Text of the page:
Otto Reich is a former U.S. diplomat who is best known for his participation in a domestic propaganda operation during the Iran-Contra affair. Since leaving government in 2004, Reich has continued to promote rightwing U.S. policies in Latin American while working as a beltway lobbyist representing Latin American governments and business interests. The Guatemalan government recently awarded a contract to Reich’s firm to “improve the perception, reputation, and the understanding of the reality of Guatemala.” Guatemalan President Otto Perez Molina appears to have been motivated to hire a lobbyist to counter criticism that was spurred after the arrival in the U.S. of tens of thousands of undocumented migrant children from Central America. Molina attempted to deflect the criticism by blaming the drug war and U.S. Cold War-era policies. “Given Pérez Molina's sharp criticism of the United States' history in the region,” commented one writer, “his choice—former Reagan official and noted Cold War propagandist Otto Reich—was a shocker.”
Unlike his more ideological peers, former CNN political analyst Bill Schneider seldom engages in straightforward issue advocacy, preferring instead to discuss policy issues in terms of their implications for electoral politics or Beltway political discourse. However, Schneider—a former fellow at the American Enterprise Institute and the Hoover Institution—occasionally betrays interventionist leanings on foreign policy, declaring in a recent op-ed that “if the U.S. doesn't do anything, nothing happens. … As in Kuwait, Kosovo and Libya, if the U.S. doesn't do something [in Syria], nothing will happen. The murderous bloodletting will go on.”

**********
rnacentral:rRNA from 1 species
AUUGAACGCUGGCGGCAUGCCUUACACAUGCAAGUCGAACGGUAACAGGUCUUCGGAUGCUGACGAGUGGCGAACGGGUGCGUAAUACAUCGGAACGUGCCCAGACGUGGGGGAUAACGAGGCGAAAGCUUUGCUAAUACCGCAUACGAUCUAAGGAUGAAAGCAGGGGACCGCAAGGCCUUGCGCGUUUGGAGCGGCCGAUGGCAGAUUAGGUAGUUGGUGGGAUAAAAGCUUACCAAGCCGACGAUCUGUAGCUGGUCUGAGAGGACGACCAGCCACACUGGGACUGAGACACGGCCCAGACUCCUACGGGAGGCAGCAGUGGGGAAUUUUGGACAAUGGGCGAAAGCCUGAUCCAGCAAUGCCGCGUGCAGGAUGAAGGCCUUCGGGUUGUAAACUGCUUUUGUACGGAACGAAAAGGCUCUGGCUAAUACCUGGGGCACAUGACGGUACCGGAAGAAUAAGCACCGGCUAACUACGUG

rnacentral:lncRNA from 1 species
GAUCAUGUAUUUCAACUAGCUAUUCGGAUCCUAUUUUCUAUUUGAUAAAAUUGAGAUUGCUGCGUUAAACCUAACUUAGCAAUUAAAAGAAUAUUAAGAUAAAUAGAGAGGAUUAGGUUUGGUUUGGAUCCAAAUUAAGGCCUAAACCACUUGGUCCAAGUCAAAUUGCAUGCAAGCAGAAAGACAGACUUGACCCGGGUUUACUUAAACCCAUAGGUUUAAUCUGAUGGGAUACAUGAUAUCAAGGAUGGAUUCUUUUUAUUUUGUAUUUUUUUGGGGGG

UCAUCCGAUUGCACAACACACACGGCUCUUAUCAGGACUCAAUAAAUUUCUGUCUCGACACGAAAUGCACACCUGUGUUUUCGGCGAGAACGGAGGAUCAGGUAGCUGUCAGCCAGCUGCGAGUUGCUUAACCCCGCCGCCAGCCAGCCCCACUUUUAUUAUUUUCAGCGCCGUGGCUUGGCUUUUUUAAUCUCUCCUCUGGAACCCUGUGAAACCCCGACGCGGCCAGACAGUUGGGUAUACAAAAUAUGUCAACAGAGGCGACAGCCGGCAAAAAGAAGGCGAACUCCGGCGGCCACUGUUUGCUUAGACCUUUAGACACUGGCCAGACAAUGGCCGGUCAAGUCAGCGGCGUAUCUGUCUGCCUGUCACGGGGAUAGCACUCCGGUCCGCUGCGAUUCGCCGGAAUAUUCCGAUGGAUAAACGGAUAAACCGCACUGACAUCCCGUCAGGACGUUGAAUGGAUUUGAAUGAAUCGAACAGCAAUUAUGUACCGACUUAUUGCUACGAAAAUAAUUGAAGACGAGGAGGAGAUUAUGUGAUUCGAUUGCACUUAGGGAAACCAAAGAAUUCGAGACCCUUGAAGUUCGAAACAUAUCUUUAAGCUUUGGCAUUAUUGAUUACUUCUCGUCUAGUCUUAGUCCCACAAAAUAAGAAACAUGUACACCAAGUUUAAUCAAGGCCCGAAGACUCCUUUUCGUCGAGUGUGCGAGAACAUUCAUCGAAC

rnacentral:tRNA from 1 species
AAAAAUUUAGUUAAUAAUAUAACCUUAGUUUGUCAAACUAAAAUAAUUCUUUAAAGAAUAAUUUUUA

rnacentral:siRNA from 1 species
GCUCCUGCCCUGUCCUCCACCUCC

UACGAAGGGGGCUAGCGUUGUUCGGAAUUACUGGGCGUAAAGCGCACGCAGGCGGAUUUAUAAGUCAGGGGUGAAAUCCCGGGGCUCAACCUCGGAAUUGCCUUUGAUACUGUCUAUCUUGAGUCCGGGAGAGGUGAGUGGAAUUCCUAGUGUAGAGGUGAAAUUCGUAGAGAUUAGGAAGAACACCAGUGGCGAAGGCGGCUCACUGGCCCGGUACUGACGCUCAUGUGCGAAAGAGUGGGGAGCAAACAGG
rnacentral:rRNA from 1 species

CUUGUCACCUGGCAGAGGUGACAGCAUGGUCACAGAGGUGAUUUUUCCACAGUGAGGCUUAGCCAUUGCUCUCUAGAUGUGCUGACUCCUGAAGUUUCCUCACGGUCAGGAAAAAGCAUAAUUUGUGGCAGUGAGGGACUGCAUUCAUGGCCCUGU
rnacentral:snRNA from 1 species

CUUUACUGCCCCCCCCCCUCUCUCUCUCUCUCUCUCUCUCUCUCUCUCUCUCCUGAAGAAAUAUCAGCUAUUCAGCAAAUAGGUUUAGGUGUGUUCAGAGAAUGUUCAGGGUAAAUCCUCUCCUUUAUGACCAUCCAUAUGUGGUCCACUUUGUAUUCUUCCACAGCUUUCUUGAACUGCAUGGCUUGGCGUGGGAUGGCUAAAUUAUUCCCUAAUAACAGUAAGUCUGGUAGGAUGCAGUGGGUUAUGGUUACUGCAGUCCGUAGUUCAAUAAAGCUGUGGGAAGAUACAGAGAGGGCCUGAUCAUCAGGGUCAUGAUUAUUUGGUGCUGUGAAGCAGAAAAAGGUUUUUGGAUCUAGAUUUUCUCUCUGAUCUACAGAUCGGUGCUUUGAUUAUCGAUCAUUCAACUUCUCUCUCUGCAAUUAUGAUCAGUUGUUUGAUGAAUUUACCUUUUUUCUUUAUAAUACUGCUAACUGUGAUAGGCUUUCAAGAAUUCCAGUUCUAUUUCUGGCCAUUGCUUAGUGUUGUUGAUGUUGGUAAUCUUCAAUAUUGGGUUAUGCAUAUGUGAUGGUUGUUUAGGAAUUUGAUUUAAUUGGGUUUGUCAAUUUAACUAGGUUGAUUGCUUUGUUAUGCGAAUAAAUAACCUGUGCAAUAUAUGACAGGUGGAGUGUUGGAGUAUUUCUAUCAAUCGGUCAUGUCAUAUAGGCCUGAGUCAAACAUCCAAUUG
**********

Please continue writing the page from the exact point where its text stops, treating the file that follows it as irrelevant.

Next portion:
The Foreign Policy Initiative (FPI), a leading neoconservative think tank, claims to have a solution to the ongoing fallout from the 2003 U.S.-led invasion of Iraq: send more troops, bomb more targets, and get involved in Syria as well. Along with peddling an aggressive expansion of NATO along Russia’s borders and expounding on the virtues of nuclear weapons, FPI’s recent publications have urged the U.S. to send troops to Iraq and potentially Syria, launch an aggressive campaign of airstrikes against ISIS, and funnel arms to the Iraqi army (which previously handed over its weapons to ISIS), Sunni rebels in Syria (who could do the same), and Kurdish fighters in Iraq.
Retired Gen. Jack Keane is a frequent guest on Fox News and a contributor to the Wall Street Journal, where he is a reliable advocate for hawkish, aggressive U.S. foreign policies. Keane has been a vocal supporter of U.S. strikes in both Iraq and Syria on ISIS. However, left unmentioned in Keane's media appearances are his extensive ties to military contractors that might benefit from a protracted conflict in the Middle East—including Academi, the latest incarnation of the notorious Blackwater, which in 2012 hired Keane as a “strategic adviser.”
For media inquiries,
or call 202-234-9382.
September, 23 2014
At a press breakfast during his trip to New York for the UN General Assembly, Iranian President Hassan Rouhani questioned the legality of U.S. strikes on Syria, expressed hope for reaching a nuclear agreement with the P5+1, and called for warmer ties between Iran and Saudi Arabia.
September, 22 2014
As nuclear negotiations between Iran and international negotiators approach their November deadline, domestic criticism in Iran and the U.S., as well as the complicated regional politics surrounding ISIS, may influence their course.
September, 18 2014
A new report by former senior U.S. foreign-policy officials and regional experts argues that a U.S. nuclear accord with Iran could open the way for cooperation on a host of challenges in the Middle East, including responding to ISIS in Iraq and the Taliban in Afghanistan.
September, 15 2014
Though recent global unrest has spurred an uptick in public support for military interventions, favorable U.S. attitudes toward the use of force abroad appear to be on the decline.
September, 12 2014
President Barack Obama's proposal to attack ISIS will likely receive support from Congress, but experts question his choice of tactics and allies.
September, 12 2014
Despite earlier saying that an attack on Syria would require authorization by the UN Security Council, the Obama administration has suggested that it will bypass the UN in its campaign against ISIS.
September, 11 2014
Although political conditions and opposition from the U.S. and Israel have stymied efforts to create a nuclear weapons-free zone in the Middle East, disarmament activists remain optimistic that progress in nuclear negotiations with Iran will open the door for wider talks.